By Jennifer Britt
Rick and Dana Corcoran began their journey into wine six years ago with the guidance of Marvin “Bud” Parsons. The Corcoran’s consider Bud to be the master mind of wine making and the mentor they needed to start this next chapter in their lives. Parsons also sent them to seek out Jim and Tony Kelley of Batton Hollow Winery in Lost Creek to further educate them on the full process of wine making. The Kelley’s helped set them on the path to correctly making wine with the right equipment and ingredients. They also have gratitude and appreciation for their son Steven Sponaugle. Sponaugle has added a hand where needed, especially with the labeling of the bottles. Mrs. Corcoran credits her son Sponaugle in making sure the sweet wines are at their best.
The Corcoran’s started their life journey in marriage 17 year ago and with a combined family of six children lead a full family life. Family life being important to the both of them they set boundaries to keep the winery separate and by doing so keep family time a top priority. They make a point to stop work at 8 p.m. each evening to spend quality time together. You can see the pride and joy they take in their wine and when talking about their family.
- Corcoran explained how the name came about. “One day we were getting ready for church. And I happened to look out the window that looks out to Turkey Knob and it just clicked. That’s the name!” Cork’s comes from him, his dad and grand-dad being called by the nickname Cork or Corky. Therefore, the new name seemed fitting for their adventure.
The process of making the wine is not as simple as one would like to think. It takes a total of roughly six weeks from start to finish. The “juice” is either extracted from grapes or can be purchased from vineyards. The Corcoran’s go as far as New York to get the best juice for their wine. The juice is added to a barrel and mixed with the correct amount of sugar, yeast and water. The juice then sits in the barrel until the settlements collect in the bottom of the barrel at which time they then run the wine to another barrel until there are hardly any settlements left in the barrel. The wine is run through a machine with 16 filters to make the wine clear, at which time it is bottled and corked. The Corcoran’s can bottle six bottles at once. The machine is set to fill each bottle with the correct amount of wine, once filled; they send the bottles over to the corking machine and end the process with the sealing of the cork and labeling the bottle. Each label has to be approved by the WV ABCA Commissioner. For instance they are currently waiting on the approval for a new wine made with cotton candy grapes and blackberries grown in their own vineyard. Once they receive the approval these specialty limited edition wines will be available for purchase.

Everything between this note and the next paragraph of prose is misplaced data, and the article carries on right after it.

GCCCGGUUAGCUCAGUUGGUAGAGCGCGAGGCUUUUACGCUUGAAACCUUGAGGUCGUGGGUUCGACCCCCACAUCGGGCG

- Corcoran laughingly stated “If anyone had asked them just a few years ago about opening a winery they would have sent them to the asylum”. What was once just a crazy thought is now a retirement dream for the couple. Bringing something new and exciting to their hometown is important to the Corcoran’s. Along with the help of the community donating trimmings off of grape and raspberry vines they have a great start to a future in the wine business. The Corcoran’s have hopes of expanding the existing business all the way to the property line, providing all goes well. While currently taking baby steps they are seemingly well on their way to being a prosperous and blooming business.
Starting Friday, January 21, Cork’s Turkey Knob Wines, LLC will be open for business. They will feature a five for five dollars testing with a variety of wines from dry to sweet. The business is located at 513 Blackman Flats Rd in Hambleton.
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